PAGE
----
§ 396.13Driver inspection.Before driving a motor vehicle, the driver shall:(a) Be satisfied that the motor vehicle is in safe operating condition;(b) Review the last driver vehicle inspection report; and(c) Sign the report, only if defects or deficiencies were noted by the driver who prepared the report, to acknowledge that the driver has reviewed it and that there is a certification that the required repairs have been performed. The signature requirement does not apply to listed defects on a towed unit which is no longer part of the vehicle combination.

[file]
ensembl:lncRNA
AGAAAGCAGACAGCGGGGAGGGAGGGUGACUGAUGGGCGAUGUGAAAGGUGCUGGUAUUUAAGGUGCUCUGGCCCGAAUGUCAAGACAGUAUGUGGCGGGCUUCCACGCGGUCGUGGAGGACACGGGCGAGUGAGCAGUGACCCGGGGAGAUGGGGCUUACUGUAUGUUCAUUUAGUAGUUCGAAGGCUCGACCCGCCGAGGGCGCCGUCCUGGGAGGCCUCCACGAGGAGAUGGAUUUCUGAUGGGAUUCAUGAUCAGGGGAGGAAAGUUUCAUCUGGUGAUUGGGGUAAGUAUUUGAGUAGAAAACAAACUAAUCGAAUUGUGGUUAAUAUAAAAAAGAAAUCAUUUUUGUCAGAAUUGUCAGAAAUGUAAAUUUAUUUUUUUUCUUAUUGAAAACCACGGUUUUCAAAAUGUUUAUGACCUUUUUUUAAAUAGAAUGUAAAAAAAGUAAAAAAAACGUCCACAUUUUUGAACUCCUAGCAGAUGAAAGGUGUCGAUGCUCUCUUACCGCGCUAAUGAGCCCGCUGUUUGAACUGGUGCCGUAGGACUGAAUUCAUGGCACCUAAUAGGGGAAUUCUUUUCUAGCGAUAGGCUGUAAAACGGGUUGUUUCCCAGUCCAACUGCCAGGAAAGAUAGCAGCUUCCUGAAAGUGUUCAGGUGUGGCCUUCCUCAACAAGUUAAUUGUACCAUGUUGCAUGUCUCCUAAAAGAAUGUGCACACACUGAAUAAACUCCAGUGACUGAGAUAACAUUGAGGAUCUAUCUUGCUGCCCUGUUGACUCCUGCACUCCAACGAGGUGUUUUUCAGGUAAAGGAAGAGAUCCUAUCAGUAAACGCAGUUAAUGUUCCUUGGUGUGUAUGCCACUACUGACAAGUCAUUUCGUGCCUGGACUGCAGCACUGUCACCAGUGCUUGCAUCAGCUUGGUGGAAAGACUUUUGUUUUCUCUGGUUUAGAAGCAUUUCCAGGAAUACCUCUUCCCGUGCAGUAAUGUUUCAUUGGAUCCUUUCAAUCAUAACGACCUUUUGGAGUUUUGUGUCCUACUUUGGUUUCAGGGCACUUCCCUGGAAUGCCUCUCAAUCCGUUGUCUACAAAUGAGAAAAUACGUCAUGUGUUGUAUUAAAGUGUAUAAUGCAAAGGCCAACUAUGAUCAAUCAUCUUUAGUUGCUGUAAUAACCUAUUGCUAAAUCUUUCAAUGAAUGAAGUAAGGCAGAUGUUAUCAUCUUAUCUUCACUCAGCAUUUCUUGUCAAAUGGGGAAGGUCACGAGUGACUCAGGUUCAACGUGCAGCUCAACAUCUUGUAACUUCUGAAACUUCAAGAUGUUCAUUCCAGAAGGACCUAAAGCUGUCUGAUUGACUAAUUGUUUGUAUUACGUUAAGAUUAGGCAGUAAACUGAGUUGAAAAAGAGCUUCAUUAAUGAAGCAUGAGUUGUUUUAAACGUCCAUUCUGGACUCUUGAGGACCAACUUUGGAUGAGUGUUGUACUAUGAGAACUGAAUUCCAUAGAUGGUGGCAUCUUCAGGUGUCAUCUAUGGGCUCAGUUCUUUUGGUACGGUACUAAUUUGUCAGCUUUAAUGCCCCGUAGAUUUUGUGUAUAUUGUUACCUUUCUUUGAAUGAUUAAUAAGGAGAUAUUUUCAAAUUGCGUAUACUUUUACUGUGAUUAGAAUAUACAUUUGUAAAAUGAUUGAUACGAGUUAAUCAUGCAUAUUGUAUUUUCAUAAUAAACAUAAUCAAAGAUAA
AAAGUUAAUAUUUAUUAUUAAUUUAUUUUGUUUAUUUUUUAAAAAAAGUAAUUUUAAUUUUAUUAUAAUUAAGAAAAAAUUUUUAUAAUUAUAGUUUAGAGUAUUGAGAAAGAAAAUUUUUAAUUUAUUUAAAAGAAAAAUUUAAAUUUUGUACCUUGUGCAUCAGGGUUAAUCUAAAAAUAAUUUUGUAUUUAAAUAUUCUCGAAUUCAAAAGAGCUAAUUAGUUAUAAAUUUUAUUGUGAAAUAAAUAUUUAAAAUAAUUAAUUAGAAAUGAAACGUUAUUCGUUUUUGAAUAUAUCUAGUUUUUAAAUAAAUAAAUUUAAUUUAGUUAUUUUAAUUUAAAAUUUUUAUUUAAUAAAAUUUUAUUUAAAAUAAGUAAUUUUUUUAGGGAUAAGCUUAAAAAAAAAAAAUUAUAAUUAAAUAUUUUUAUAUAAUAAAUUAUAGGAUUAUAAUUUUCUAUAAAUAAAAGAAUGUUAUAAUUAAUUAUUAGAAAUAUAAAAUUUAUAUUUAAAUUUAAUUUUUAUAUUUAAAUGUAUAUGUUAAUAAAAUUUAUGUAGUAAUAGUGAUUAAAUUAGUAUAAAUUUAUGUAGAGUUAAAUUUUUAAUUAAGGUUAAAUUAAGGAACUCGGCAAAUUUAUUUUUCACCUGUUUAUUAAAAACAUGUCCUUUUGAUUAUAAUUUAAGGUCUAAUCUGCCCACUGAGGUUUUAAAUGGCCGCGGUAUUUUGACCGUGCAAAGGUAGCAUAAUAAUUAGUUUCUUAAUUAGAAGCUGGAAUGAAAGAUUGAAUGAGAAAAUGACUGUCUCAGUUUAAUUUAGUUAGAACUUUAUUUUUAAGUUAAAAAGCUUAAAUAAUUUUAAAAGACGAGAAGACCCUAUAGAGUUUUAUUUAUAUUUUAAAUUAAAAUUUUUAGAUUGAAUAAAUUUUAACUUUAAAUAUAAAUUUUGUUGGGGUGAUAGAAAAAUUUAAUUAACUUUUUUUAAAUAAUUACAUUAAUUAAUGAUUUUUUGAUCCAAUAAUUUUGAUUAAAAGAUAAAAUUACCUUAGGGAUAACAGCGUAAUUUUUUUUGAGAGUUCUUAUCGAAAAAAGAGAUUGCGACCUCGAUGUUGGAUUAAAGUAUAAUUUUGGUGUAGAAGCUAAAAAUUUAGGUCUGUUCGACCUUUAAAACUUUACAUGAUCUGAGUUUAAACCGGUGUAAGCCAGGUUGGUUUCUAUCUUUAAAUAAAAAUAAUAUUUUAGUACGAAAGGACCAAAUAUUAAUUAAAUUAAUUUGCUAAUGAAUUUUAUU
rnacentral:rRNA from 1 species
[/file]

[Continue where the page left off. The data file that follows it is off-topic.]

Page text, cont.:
http://www.fmcsa.dot.gov/rules-regul...aspx?reg=392.7


  11. #20
    Light Load Member newbie driver's Avatar
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    Quote Originally Posted by Diesel Dave View Post
    If you don't feel safe, then take it to get a DOT inspection at your closest scale house or look for a nearby commercial inspection site (highway/state trooper terminal). I bet anything if it passes YOU still wont drive it.

    Thank you to the people that gave helpfull information, as for the judgmental comments without knowing me or the specifics of the situation, they where no help at all